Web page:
GWT Internationalisation Checklist

Follow these steps to internationalize you GWT app and show the language corresponding to the locale the browser sent:

Turn your welcome page to a dynamic jsp by changing your web.xml


So rename your welcome page, presumably .html, to .jsp. In the welcome page header, add:

    <meta name="gwt:property" 
      content="locale=<%= request.getLocale() %>">

Now add I18N to your app by adding the following line to your *.gwt.xml:

  <inherits name='com.google.gwt.i18n.I18N'/>

For each locale you want to provide, add another line like these:

  <extend-property name="locale" values="en_US"/>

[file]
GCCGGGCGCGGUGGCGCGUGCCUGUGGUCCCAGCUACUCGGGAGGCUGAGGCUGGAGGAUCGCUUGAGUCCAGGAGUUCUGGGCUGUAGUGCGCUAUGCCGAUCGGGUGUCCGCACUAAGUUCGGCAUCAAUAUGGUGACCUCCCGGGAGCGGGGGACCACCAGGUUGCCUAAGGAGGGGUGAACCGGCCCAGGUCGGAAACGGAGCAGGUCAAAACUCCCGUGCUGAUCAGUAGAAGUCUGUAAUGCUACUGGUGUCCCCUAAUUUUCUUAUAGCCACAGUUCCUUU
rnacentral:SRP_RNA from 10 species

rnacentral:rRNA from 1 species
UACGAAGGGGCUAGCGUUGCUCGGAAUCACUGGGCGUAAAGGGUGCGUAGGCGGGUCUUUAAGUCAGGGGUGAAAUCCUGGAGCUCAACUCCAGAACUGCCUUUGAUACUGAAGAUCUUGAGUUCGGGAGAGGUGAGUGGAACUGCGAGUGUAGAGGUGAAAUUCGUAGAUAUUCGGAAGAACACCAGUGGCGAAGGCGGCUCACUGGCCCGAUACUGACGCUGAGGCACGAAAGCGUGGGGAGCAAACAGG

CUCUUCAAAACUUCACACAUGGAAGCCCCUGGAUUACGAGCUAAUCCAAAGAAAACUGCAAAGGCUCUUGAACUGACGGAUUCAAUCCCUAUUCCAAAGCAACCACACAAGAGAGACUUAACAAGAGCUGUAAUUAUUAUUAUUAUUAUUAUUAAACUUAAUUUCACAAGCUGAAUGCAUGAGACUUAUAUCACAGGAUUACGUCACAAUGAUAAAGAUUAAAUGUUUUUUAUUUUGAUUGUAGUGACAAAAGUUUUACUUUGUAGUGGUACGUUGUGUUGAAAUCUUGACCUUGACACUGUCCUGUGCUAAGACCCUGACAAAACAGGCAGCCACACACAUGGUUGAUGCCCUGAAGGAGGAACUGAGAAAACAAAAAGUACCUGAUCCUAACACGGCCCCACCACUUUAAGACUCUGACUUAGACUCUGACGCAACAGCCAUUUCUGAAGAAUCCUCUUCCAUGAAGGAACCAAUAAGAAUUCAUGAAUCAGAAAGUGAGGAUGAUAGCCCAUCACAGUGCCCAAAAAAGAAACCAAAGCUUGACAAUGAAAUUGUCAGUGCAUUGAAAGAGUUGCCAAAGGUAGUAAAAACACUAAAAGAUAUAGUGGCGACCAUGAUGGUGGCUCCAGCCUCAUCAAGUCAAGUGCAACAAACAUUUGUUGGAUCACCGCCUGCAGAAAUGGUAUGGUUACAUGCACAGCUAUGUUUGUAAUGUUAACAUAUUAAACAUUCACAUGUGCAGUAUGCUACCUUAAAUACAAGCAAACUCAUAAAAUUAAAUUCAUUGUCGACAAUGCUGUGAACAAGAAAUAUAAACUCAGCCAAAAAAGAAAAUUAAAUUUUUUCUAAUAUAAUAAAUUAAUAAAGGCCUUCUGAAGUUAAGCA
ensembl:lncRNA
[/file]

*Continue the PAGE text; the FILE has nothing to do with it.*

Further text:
<extend-property name="locale" values="de_DE"/>

Now the GWT-App delivered to the client is configured to use the locale sent by her browser.
Next, create an interface extending Messages, e.g.:

public interface Text extends Messages {
public static final Text LANG = 

String welcome(String name);

Now you can externalize your static String. For example, substitute
new Label("Hello "+name);

new Label(Text.LANG.welcome(name));

The GWT-magic, on GWT.create provides you with an implementation of your interface that is bound to i18n-property files. So create a File Text.properties in the package of the interface:

  welcome = Hello {0}

You are free to add more resources by providing more methods in your interface and the corresponding line in the properties file. If you want a, say, german translation, create Text_de_DE.properties:

  welcome = Guten Tag {0}


Of course, there are a lot more options in GWT I18N, like setting locales explicitely or use constant string and the like. Therefore do not miss the original documentation.